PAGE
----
Sudan: Over 50 Organisations Call On Human Rights Council To Ensure That UPR Does Not Legitimise Actions Of The Military

Adams Peter

Adams Peter

CSW has joined 51 civil society organisations in writing to Permanent Representatives of Member and Observer States of the United Nations (UN) Human Rights Council, urging them to ensure that Sudan’s upcoming Universal Periodic Review (UPR) does not legitimise the unconstitutional actions of the Sudanese military, who seized power in a coup on 25 October 2021.

Sudan’s UPR is scheduled to take place on 1 February. Signatories to the letter write: “Sudan’s UPR is taking place at an unusual and critical time for the nation. The unconstitutional transfer of power by the military dissolved the transitional institutions, while members of the civilian-led government were detained or arrested on 25 October 2021. The consequent political crisis and the resignation of former Prime Minister Abdala Hamdok on 2 January has raised legal questions regarding the legitimate representatives of the state.”

The letter states that it would have been preferable if the UPR had been postponed; however, it acknowledges that the cancellation of the review “may have proven difficult, given the modalities of the third cycle.”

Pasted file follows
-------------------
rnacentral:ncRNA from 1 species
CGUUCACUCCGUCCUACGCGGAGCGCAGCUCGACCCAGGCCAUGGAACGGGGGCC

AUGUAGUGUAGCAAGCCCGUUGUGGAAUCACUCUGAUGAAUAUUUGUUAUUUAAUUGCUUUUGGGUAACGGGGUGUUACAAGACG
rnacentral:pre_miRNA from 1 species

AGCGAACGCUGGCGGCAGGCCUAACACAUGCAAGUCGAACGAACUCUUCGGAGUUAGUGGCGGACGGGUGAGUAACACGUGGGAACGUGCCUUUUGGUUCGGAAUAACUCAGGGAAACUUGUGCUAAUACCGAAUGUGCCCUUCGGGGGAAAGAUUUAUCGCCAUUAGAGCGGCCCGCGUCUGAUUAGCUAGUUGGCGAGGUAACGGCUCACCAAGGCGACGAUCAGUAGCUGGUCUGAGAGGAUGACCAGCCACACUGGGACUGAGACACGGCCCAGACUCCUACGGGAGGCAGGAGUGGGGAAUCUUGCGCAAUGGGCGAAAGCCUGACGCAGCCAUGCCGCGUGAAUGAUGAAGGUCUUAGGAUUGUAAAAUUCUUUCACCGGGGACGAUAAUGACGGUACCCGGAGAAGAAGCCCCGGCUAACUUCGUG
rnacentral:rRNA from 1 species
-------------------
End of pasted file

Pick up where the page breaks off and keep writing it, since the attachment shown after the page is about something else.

The situation of human rights in Sudan has deteriorated significantly since the coup. Over the past three months activists have continued to organise protests against the military, which has responded with violence. At least 77 protesters have been killed, hundreds have been arrested or forcibly disappeared, and concerning reports have emerged of the use of rape and sexual violence by security forces.

Prime Minister Hamdok resigned on 2 January, and on 19 January the leader of the military, Lieutenant General Abdel-Fattah al-Burhan, created a caretaker government comprising of under-secretaries of government ministries. Al-Burhan has also appointed numerous figures close to the former al Bashir regime to senior positions within the civil service.

CSW’s Founder President Mervyn Thomas said: “While it has not been possible to delay this important review of Sudan’s human rights record, it is essential that UN Member and Observer States ensure that the review does not confer legitimacy on the Sudanese military in any way. The Council must maintain scrutiny on the continuing deterioration of the human rights situation in Sudan, and hold the military accountable for the egregious violations it has perpetrated since seizing power undemocratically in October 2021. We appeal to the military to facilitate the swift transfer of power to civilians, and to cease all violations against Sudanese citizens who are exercising their fundamental freedoms of expression, association and peaceful assembly.”

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Professor Jideofor Adibe


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